We love the movement of dyslexic post-grads sharing their studying tips. Check out some of these words of wisdom if you're college-bound, in college, or planning to return to higher education. In general, things are much better than they were decades ago, but you can...
Schools Missing the Boat on Dyslexia and Math [Premium]
Forty-four percent of dyslexic students also meet diagnostic criteria for math disability, according to researchers, but math rarely receives specific designations on students’ individualized education plans. What is the result? Dyslexic students with math disabilities underperform, fail, get held back, and find themselves excluded from certain academic tracks and majors (like science, technology, and engineering). […]
Stealth or Compensated Dyslexia [Premium]
There are a variety of terms used to described individuals with dyslexia who have challenges decoding text but then evolve over time to those who can read silently with good compensation. These people can succeed in the highest levels of education and work, but still have non-reading-related challenges (for instance spelling and writing fluency, tip […]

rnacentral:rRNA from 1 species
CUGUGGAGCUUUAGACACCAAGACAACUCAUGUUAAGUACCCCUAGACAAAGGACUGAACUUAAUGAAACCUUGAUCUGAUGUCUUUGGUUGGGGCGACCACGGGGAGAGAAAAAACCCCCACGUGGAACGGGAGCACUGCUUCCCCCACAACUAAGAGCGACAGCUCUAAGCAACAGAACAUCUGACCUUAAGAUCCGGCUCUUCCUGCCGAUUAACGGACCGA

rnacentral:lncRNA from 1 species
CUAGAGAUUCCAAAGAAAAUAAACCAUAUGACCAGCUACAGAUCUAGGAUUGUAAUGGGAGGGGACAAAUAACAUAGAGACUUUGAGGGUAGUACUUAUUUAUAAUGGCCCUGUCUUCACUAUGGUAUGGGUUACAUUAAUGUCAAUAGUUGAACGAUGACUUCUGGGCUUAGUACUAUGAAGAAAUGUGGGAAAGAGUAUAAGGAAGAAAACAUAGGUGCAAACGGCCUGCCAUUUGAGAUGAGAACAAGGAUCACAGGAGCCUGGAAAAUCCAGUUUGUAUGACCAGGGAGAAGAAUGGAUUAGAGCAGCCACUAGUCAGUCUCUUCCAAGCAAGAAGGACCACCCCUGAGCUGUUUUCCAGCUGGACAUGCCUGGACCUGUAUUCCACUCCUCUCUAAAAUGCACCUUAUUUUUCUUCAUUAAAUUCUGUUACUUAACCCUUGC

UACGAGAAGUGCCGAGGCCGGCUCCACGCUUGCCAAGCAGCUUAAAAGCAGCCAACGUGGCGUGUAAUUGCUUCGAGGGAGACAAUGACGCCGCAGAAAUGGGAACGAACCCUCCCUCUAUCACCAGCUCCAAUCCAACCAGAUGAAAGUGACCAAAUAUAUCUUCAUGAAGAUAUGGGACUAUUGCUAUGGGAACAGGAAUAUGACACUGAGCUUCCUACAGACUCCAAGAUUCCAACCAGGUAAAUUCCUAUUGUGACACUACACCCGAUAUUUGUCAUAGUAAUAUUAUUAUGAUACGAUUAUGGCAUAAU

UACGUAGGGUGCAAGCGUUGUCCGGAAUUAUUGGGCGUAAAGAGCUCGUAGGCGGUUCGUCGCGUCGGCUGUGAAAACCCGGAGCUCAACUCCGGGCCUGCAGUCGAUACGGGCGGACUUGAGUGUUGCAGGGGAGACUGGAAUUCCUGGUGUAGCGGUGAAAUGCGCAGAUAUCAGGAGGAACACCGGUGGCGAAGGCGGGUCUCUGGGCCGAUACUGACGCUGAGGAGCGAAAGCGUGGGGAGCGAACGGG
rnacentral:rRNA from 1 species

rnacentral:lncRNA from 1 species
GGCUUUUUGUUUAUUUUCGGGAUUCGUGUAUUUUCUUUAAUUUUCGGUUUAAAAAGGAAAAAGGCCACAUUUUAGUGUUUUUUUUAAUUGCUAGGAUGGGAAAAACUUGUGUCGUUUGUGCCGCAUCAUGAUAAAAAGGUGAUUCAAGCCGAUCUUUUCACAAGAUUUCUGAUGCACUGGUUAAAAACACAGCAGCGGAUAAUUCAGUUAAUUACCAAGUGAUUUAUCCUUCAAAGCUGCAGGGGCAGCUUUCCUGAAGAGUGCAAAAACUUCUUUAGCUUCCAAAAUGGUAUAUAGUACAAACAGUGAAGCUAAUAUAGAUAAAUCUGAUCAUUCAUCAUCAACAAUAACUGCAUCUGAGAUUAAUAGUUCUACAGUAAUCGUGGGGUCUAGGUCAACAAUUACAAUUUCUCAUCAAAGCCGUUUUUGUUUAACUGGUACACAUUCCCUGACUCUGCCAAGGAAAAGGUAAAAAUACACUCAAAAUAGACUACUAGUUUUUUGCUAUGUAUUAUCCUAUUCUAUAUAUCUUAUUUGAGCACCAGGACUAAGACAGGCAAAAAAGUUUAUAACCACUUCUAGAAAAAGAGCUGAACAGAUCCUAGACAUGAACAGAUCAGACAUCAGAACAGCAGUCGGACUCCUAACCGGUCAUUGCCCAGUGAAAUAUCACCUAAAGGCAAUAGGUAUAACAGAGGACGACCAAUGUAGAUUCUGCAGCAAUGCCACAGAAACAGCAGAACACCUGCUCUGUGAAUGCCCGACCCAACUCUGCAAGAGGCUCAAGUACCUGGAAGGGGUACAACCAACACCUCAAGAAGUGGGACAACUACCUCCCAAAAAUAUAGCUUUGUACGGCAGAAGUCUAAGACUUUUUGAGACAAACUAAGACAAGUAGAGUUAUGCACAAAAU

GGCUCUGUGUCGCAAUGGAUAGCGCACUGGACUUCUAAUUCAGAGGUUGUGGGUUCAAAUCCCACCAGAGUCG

Prepared for College: What High Schooler Students Should Know [Premium]
There are many changes impacting high school students because of the pandemic, but it’s never too early to look ahead and prepare for your higher education journey. Many colleges are back in session, but numerous students are also opting to take gap years. For the most part, colleges and universities are waiving their requirements for […]
DROPPING OUT BECAUSE OF FOREIGN LANGUAGE [Premium]
At Harvard University in the 1970s, a clinical psychologist made a startling discovery. Intending to study the emotional problems that caused students at one of the world’s elite universities to drop out of school to drop out, he found out instead that the most common reason students dropped out of their degree programs was […]
[Premium] Thriving: Pick Classes Like a Pro
Whether it’s high school or college, picking your classes can make a tremendous difference in your school experience and grades. Many of the general strategies given to college freshman often apply, but some additional tips can be helpful if you’re dyslexic.